Langelier Saturation Index Inaccuracies

The Langelier Saturation Index is the basis of swimming pool water chemistry. A simple mathematical formula determines whether the water is in balance (neither corrosive nor scale forming). Realistically, not a measure of the success in preventing algae or bacteria, but a calculation designed specifically for the protection of the vessel, the swimming pool itself—a determination of calcium carbonate saturation. Let’s face it; we have come to depend upon the accuracy of the pool industry LSI (Langelier Saturation Index).

The water being in balance is extremely important, and the LSI is a tool we rely upon. After all, we know water needs to have a certain amount of calcium and carbonate in solution, and the level we need varies upon both temperature and pH. If the water is found to be corrosive, it will pull calcium and carbonate from the pool walls and floor, etching the surface. When the water is scale forming, everything from a cloudy water condition to calcium carbonate deposits forming about the pool.


This Photo by Unknown Author is licensed under CC BY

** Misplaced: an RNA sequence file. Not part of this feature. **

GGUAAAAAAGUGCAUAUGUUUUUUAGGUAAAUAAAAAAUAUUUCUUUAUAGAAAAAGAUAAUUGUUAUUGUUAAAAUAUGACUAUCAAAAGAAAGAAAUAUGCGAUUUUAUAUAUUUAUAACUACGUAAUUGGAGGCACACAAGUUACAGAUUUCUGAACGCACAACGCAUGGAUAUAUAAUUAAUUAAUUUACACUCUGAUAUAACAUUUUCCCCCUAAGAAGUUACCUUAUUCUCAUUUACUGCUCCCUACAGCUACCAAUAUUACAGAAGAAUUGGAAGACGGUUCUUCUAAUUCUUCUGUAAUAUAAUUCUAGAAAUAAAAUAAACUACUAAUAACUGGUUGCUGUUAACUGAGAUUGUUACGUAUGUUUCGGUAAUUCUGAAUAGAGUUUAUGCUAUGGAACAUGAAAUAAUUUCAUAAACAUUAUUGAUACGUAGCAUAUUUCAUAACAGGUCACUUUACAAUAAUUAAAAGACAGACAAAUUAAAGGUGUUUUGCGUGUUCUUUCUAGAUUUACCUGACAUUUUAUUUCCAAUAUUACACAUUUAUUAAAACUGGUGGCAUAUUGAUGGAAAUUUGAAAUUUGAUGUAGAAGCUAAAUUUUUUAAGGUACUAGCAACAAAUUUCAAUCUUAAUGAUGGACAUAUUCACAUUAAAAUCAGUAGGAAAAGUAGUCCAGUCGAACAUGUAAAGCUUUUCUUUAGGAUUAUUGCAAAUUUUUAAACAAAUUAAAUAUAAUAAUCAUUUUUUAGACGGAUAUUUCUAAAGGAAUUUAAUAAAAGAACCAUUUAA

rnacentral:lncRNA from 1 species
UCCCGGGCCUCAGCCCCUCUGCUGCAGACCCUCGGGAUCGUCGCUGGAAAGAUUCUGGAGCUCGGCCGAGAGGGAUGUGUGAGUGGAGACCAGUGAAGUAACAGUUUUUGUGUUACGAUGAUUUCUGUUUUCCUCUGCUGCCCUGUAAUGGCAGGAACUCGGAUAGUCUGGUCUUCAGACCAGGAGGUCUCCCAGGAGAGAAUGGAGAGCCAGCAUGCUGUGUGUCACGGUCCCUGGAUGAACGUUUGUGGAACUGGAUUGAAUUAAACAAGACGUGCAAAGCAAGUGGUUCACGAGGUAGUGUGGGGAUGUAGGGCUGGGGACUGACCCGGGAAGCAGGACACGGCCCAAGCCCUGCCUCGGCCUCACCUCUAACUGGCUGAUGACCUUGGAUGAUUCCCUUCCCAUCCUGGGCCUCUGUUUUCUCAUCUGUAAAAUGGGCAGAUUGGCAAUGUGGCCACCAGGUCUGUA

Many think calcium carbonate saturation is only important in plaster pools, and that’s not the case. Nowadays, liner companies utilize calcium carbonate in the production of vinyl. The amount used varies from manufacturer to manufacturer, but it has been found that corrosive water can pull calcium carbonate from vinyl when the content is greater than 7%. It is also a fact that cobalt staining is more prevalent in fiberglass pools where a corrosive saturation index persists.

Dr. Wilfred Langelier, professor emeritus of civil engineering at the University of California, Berkeley published this concept in a paper titled The analytical control of anti-corrosion water treatment in 1936 in the detailing the model was first published in 1936 in the Journal of the American Water Works Association. Most are aware of this; however, a common misconception is that we actually use Dr. Langelier’s model, which was designed to determine the Potential for calcium carbonate precipitation. In actuality, we do not.

A Mother of a Math Problem

Langelier’s formula, despite its accuracy, is extremely complex. It also was not designed to determine whether water was corrosive or scale forming. Instead, as I mentioned above, the calculation only determined the calcium carbonate precipitation potential (CCPP). Not a guarantee that a problem with calcium would occur, only a predictive measure of an increased possibility. Regardless, Langelier (already widely known for his advances in water treatment due to studies documented in his 1921 paper Coagulation of Water with Alum by Prolonged Agitation) came up with a highly complex formula. That was beyond practical for longhand calculation – the math was insane!